Kingdom leads GCC in nonoil production

Updated 17 July 2013
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Kingdom leads GCC in nonoil production

The Gulf Cooperation Council (GCC) countries are strenuously working to diversify income sources and minimize reliance on oil through investment in leading industrial activities, local media reported.
Saudi Arabia, in particular, is leading the GCC region to develop nonoil sector where the value of the ongoing nonoil projects is estimated at $ 17 billion (SR 63.7 billion), Al-Riyadh daily said quoting a report by Gulf Investment Corporation (GIC).
The Kingdom has reportedly occupied the 12th rank among the world's biggest 40 countries concerned with renewable energy sources.
In other GCC countries, the UAE has spent $ 5 billion in solar energy projects, currently under construction, whereas the value of nonoil projects is estimated at $ 2.1 billion, which are mostly concentrated in Abu Dhabi Emirate.
The Kingdom recently announced four solar energy projects, notably the solar energy project in Makkah, announced in the last quarter of 2012, whereby the holy city will become the first area to use an alternative energy source in the Kingdom, the local media said.
In Qatar, meanwhile, nonoil projects captured some $ 2.8 billion, mostly in iron and steel industries. Cement industry is predicted to lead business sector in the next five years at the growth rate of 11.2 percent followed by consumer industry sector at 7.7 percent.
On the other hand, the GCC countries will continue to achieve high rates of economic growth in the current year despite a slight decline in the oil prices and lower exports, which dropped by 5 percent compared to last year’s figures, the local media said.
Based on the above situation, levels of personal incomes have steadily increased, which led to the expansion of bank deposits, particularly in Saudi Arabia, the UAE and Qatar, and encouraged the banks to expand banking credits.
Meanwhile, Saudi Arabia has topped the MENA countries in terms of solar energy projects where it got 4.1 points out of 5 points, according to a report released by VtM, a US solar research firm.
Turkey came second at 3.9 points, followed by Abu Dhabi and Morocco jointly at 3.6 points in the third rank, Jordan in the fifth rank (3.2 points), Dubai in the sixth rank (3.1 points), Algeria and Egypt jointly in the seventh rank (3 points), and Qatar in the ninth rank (2.4 points).
The MENA region has the biggest solar energy potentials globally whereas Saudi Arabia and Turkey will lead the regional countries in terms of the highest energy demand and will become the first two countries to use the electric scale of GigaWatt (or billion watts) by 2015, according to the VtM report.


Jordanian cabinet approves new IMF-guided tax law to boost finances

Updated 25 min 55 sec ago
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Jordanian cabinet approves new IMF-guided tax law to boost finances

AMMAN: Jordan’s cabinet on Monday approved major IMF-guided proposals that aim to double the income tax base, as a key part of reforms to boost the finances of a debt-burdened economy hit by regional conflict.
“When only 4 percent of Jordanians pay (personal) income tax, this may not be the right thing,” Finance Minister Omar Malhas said in remarks after the cabinet meeting, adding the goal was to push that to eight percent. The draft legislation was submitted to parliament.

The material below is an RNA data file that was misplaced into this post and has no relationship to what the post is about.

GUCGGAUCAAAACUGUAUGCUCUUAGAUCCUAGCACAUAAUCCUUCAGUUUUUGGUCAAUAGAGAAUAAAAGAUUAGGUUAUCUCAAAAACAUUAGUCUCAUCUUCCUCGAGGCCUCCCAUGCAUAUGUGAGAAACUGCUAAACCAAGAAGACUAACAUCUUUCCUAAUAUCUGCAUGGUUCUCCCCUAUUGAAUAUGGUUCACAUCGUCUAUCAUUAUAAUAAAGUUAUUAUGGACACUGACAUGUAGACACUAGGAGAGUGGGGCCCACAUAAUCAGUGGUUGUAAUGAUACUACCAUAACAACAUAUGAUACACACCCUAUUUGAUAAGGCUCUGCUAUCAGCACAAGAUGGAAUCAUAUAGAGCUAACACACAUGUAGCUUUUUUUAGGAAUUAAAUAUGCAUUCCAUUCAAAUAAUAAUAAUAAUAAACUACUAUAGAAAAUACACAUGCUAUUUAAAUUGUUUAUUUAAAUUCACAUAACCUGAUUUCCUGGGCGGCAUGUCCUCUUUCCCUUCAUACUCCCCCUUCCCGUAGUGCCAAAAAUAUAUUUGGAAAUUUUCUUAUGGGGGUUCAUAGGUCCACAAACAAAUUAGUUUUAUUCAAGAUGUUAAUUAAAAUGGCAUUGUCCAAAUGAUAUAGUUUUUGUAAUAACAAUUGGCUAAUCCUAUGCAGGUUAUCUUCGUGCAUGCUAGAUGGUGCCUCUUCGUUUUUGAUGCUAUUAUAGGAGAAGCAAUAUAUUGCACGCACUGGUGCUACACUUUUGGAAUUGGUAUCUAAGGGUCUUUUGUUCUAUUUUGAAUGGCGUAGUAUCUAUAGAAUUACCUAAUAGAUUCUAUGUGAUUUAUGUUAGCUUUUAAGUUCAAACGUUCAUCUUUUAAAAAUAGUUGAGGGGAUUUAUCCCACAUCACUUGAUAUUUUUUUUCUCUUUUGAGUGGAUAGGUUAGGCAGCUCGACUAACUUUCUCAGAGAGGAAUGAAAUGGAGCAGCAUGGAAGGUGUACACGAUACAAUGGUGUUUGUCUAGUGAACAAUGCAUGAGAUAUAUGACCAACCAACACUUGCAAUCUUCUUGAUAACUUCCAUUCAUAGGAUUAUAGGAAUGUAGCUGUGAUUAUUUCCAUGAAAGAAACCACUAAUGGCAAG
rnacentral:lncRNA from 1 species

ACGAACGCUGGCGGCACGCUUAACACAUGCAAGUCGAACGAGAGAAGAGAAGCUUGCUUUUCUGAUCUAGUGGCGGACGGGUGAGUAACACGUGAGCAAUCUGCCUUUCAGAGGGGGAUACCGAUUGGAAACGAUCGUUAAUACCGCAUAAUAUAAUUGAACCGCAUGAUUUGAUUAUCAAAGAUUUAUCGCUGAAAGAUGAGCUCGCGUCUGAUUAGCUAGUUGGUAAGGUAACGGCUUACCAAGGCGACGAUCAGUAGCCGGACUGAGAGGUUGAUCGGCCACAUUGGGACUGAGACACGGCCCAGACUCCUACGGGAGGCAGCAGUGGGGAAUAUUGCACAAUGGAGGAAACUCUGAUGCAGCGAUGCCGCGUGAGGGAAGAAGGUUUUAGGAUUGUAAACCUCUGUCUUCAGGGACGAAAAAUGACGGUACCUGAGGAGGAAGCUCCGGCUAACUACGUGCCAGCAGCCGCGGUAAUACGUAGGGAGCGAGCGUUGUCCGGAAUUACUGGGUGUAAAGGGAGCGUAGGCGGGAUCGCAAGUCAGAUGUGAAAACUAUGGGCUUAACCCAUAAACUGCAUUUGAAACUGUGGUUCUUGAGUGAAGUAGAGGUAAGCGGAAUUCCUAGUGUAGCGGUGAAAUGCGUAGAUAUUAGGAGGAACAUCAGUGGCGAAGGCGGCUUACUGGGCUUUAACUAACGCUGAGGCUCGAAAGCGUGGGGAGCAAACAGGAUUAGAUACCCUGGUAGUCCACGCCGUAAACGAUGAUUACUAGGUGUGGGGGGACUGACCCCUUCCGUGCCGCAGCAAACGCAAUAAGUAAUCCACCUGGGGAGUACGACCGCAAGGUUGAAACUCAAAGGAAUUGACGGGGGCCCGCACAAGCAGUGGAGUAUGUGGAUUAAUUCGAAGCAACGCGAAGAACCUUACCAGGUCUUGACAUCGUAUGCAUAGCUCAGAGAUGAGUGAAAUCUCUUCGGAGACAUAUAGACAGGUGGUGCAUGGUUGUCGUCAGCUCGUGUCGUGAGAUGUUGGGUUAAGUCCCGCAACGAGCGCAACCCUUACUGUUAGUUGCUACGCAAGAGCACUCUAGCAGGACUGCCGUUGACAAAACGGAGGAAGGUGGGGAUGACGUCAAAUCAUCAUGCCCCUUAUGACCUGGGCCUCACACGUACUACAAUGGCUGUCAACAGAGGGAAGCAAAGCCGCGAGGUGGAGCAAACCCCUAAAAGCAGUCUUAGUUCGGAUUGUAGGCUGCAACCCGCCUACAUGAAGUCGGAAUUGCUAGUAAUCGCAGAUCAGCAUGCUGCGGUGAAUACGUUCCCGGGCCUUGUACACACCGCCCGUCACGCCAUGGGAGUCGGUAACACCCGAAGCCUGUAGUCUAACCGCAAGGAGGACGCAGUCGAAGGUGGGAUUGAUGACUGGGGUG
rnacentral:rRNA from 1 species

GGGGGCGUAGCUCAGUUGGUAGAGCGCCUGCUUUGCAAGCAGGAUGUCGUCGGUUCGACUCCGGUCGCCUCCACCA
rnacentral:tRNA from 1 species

The IMF’s three-year Extended Fund Facility program aims to generate more state revenue to gradually bring down public debt to 77 percent of GDP in 2021, from a record 95 percent.
A few months ago Jordan raised levies on hundreds of food and consumer items by unifying general sales tax (GST) to 16 percent — removing exemptions on many basic goods.
In January subsidies on bread were ended, doubling some prices in a country with rising unemployment and poverty among its eight million people.
The income tax move and the GST reforms will bring an estimated 840 million dinars ($1.2 billion) in extra annual tax revenue that will help reduce chronic budget shortfalls normally covered by foreign aid, officials say.
Corporate income tax on banks, financial institutions and insurance companies will be pushed to 40 percent from 30 percent. Taxes on Jordan’s phosphate and potash mining industry will be raised to 30 percent from 24.
The government argues the reforms will reduce social disparities by progressively taxing high earners while leaving low-paid public sector employees largely untouched.
“This is a fair tax law not an unfair one,” said Malhas, who shrugged off criticism the law is lenient on many businesses connected to politicians whose transactions are not subject to tax scrutiny.
Husam Abu Ali, the head of the Income and Sales Tax Department, said a proposed IMF-recommended Financial Crime Investigations Unit will stiffen penalties for tax evaders. Critics say it will not tackle pervasive corruption in state institutions.
Abu Ali said the government could be losing hundreds of millions of dollars through tax evasion, which is as high as 80 percent in some companies.
The amendments lower the income tax threshold and raise tax rates. Unions said the government was caving in to IMF demands and squeezing more from the same taxpayers.
“It is penalizing a group that has long paid what it owes the state,” the unions syndicate said in a statement.
“It imposes injustice on employees whose salaries have barely coped with price hikes rising madly in recent years.”